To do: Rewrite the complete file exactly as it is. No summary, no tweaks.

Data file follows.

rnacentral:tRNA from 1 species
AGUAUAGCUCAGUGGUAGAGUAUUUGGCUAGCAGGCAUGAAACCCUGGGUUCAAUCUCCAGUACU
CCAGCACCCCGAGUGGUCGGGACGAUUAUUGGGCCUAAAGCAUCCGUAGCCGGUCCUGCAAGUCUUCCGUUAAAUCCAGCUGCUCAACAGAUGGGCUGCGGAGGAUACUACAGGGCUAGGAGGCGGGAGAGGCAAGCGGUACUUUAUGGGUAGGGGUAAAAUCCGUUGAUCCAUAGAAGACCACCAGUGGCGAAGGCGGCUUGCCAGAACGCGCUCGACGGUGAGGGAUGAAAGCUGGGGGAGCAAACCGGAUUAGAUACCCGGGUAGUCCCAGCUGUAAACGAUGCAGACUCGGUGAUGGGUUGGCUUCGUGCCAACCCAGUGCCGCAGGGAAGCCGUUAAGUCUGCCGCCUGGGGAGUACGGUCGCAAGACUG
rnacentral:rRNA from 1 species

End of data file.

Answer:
rnacentral:tRNA from 1 species
AGUAUAGCUCAGUGGUAGAGUAUUUGGCUAGCAGGCAUGAAACCCUGGGUUCAAUCUCCAGUACU
CCAGCACCCCGAGUGGUCGGGACGAUUAUUGGGCCUAAAGCAUCCGUAGCCGGUCCUGCAAGUCUUCCGUUAAAUCCAGCUGCUCAACAGAUGGGCUGCGGAGGAUACUACAGGGCUAGGAGGCGGGAGAGGCAAGCGGUACUUUAUGGGUAGGGGUAAAAUCCGUUGAUCCAUAGAAGACCACCAGUGGCGAAGGCGGCUUGCCAGAACGCGCUCGACGGUGAGGGAUGAAAGCUGGGGGAGCAAACCGGAUUAGAUACCCGGGUAGUCCCAGCUGUAAACGAUGCAGACUCGGUGAUGGGUUGGCUUCGUGCCAACCCAGUGCCGCAGGGAAGCCGUUAAGUCUGCCGCCUGGGGAGUACGGUCGCAAGACUG
rnacentral:rRNA from 1 species